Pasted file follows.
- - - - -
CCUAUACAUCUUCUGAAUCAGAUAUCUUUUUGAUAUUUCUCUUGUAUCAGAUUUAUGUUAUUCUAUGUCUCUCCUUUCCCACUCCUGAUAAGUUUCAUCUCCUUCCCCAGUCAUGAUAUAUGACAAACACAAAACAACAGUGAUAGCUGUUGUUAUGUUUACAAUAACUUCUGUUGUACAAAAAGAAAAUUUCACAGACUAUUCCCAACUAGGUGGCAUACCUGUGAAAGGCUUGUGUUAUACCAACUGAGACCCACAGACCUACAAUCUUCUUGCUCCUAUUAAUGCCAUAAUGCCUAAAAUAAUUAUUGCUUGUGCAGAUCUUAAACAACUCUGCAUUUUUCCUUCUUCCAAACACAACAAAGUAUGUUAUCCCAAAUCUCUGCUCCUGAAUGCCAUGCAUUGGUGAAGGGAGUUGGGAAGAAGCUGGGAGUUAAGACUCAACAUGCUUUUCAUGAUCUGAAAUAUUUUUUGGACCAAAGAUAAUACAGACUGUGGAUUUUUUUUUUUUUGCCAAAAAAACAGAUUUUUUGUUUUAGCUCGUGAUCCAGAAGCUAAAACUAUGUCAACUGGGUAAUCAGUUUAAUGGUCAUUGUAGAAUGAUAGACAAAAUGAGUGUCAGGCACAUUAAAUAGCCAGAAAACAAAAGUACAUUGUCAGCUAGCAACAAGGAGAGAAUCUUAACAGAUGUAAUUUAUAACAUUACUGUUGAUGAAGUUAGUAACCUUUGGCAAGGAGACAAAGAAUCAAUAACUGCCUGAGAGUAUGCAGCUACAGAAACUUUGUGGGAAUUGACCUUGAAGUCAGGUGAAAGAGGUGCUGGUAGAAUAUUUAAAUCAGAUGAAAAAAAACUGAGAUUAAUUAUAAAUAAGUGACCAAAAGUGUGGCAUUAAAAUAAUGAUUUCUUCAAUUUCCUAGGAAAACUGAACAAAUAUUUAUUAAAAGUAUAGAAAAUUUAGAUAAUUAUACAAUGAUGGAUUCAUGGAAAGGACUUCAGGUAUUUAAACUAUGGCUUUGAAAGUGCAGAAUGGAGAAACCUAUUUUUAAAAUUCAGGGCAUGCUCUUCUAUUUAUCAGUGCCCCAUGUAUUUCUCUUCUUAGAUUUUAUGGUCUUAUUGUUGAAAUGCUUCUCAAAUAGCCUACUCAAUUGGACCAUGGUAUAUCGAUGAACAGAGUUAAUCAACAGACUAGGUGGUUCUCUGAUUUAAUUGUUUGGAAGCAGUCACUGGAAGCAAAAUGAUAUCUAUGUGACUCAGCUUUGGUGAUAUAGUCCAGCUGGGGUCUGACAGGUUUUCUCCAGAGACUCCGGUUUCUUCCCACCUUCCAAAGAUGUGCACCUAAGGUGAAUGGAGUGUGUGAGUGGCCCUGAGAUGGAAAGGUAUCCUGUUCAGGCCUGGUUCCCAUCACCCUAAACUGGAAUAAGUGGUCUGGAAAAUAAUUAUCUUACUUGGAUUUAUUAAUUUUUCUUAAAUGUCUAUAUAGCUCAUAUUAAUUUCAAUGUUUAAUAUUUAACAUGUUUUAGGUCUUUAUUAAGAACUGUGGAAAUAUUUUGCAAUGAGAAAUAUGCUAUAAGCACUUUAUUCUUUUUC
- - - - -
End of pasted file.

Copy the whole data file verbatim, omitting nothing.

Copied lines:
CCUAUACAUCUUCUGAAUCAGAUAUCUUUUUGAUAUUUCUCUUGUAUCAGAUUUAUGUUAUUCUAUGUCUCUCCUUUCCCACUCCUGAUAAGUUUCAUCUCCUUCCCCAGUCAUGAUAUAUGACAAACACAAAACAACAGUGAUAGCUGUUGUUAUGUUUACAAUAACUUCUGUUGUACAAAAAGAAAAUUUCACAGACUAUUCCCAACUAGGUGGCAUACCUGUGAAAGGCUUGUGUUAUACCAACUGAGACCCACAGACCUACAAUCUUCUUGCUCCUAUUAAUGCCAUAAUGCCUAAAAUAAUUAUUGCUUGUGCAGAUCUUAAACAACUCUGCAUUUUUCCUUCUUCCAAACACAACAAAGUAUGUUAUCCCAAAUCUCUGCUCCUGAAUGCCAUGCAUUGGUGAAGGGAGUUGGGAAGAAGCUGGGAGUUAAGACUCAACAUGCUUUUCAUGAUCUGAAAUAUUUUUUGGACCAAAGAUAAUACAGACUGUGGAUUUUUUUUUUUUUGCCAAAAAAACAGAUUUUUUGUUUUAGCUCGUGAUCCAGAAGCUAAAACUAUGUCAACUGGGUAAUCAGUUUAAUGGUCAUUGUAGAAUGAUAGACAAAAUGAGUGUCAGGCACAUUAAAUAGCCAGAAAACAAAAGUACAUUGUCAGCUAGCAACAAGGAGAGAAUCUUAACAGAUGUAAUUUAUAACAUUACUGUUGAUGAAGUUAGUAACCUUUGGCAAGGAGACAAAGAAUCAAUAACUGCCUGAGAGUAUGCAGCUACAGAAACUUUGUGGGAAUUGACCUUGAAGUCAGGUGAAAGAGGUGCUGGUAGAAUAUUUAAAUCAGAUGAAAAAAAACUGAGAUUAAUUAUAAAUAAGUGACCAAAAGUGUGGCAUUAAAAUAAUGAUUUCUUCAAUUUCCUAGGAAAACUGAACAAAUAUUUAUUAAAAGUAUAGAAAAUUUAGAUAAUUAUACAAUGAUGGAUUCAUGGAAAGGACUUCAGGUAUUUAAACUAUGGCUUUGAAAGUGCAGAAUGGAGAAACCUAUUUUUAAAAUUCAGGGCAUGCUCUUCUAUUUAUCAGUGCCCCAUGUAUUUCUCUUCUUAGAUUUUAUGGUCUUAUUGUUGAAAUGCUUCUCAAAUAGCCUACUCAAUUGGACCAUGGUAUAUCGAUGAACAGAGUUAAUCAACAGACUAGGUGGUUCUCUGAUUUAAUUGUUUGGAAGCAGUCACUGGAAGCAAAAUGAUAUCUAUGUGACUCAGCUUUGGUGAUAUAGUCCAGCUGGGGUCUGACAGGUUUUCUCCAGAGACUCCGGUUUCUUCCCACCUUCCAAAGAUGUGCACCUAAGGUGAAUGGAGUGUGUGAGUGGCCCUGAGAUGGAAAGGUAUCCUGUUCAGGCCUGGUUCCCAUCACCCUAAACUGGAAUAAGUGGUCUGGAAAAUAAUUAUCUUACUUGGAUUUAUUAAUUUUUCUUAAAUGUCUAUAUAGCUCAUAUUAAUUUCAAUGUUUAAUAUUUAACAUGUUUUAGGUCUUUAUUAAGAACUGUGGAAAUAUUUUGCAAUGAGAAAUAUGCUAUAAGCACUUUAUUCUUUUUC